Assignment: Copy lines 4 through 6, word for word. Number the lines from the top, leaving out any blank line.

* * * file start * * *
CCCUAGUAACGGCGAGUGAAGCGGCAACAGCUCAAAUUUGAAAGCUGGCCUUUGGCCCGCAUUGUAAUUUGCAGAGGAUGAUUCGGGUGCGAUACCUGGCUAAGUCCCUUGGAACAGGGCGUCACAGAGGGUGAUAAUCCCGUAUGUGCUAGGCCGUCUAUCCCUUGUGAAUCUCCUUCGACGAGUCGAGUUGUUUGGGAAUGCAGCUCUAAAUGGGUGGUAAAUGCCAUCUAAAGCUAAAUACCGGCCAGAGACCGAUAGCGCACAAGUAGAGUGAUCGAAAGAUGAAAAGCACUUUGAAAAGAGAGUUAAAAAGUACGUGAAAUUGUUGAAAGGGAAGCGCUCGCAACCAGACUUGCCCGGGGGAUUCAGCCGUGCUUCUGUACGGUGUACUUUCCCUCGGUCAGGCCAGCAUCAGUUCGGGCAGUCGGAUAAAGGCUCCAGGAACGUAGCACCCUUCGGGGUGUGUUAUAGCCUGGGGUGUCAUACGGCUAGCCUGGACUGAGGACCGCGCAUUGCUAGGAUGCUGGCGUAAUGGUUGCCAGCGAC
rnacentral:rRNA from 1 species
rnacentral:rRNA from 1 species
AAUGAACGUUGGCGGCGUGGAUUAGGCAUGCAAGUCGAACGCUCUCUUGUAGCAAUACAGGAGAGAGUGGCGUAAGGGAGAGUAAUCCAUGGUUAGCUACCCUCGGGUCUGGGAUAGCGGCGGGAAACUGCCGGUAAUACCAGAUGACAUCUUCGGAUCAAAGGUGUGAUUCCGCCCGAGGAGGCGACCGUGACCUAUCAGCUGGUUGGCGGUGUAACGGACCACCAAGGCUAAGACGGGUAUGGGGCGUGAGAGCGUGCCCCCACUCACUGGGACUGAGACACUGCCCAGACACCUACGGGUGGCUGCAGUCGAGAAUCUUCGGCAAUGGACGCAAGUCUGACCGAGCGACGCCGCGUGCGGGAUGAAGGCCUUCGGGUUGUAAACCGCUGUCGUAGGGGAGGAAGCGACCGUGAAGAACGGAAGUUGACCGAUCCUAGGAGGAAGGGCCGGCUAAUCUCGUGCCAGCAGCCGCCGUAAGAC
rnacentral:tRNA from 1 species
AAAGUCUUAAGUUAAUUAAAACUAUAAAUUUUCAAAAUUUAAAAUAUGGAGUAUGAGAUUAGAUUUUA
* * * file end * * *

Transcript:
AAUGAACGUUGGCGGCGUGGAUUAGGCAUGCAAGUCGAACGCUCUCUUGUAGCAAUACAGGAGAGAGUGGCGUAAGGGAGAGUAAUCCAUGGUUAGCUACCCUCGGGUCUGGGAUAGCGGCGGGAAACUGCCGGUAAUACCAGAUGACAUCUUCGGAUCAAAGGUGUGAUUCCGCCCGAGGAGGCGACCGUGACCUAUCAGCUGGUUGGCGGUGUAACGGACCACCAAGGCUAAGACGGGUAUGGGGCGUGAGAGCGUGCCCCCACUCACUGGGACUGAGACACUGCCCAGACACCUACGGGUGGCUGCAGUCGAGAAUCUUCGGCAAUGGACGCAAGUCUGACCGAGCGACGCCGCGUGCGGGAUGAAGGCCUUCGGGUUGUAAACCGCUGUCGUAGGGGAGGAAGCGACCGUGAAGAACGGAAGUUGACCGAUCCUAGGAGGAAGGGCCGGCUAAUCUCGUGCCAGCAGCCGCCGUAAGAC
rnacentral:tRNA from 1 species
AAAGUCUUAAGUUAAUUAAAACUAUAAAUUUUCAAAAUUUAAAAUAUGGAGUAUGAGAUUAGAUUUUA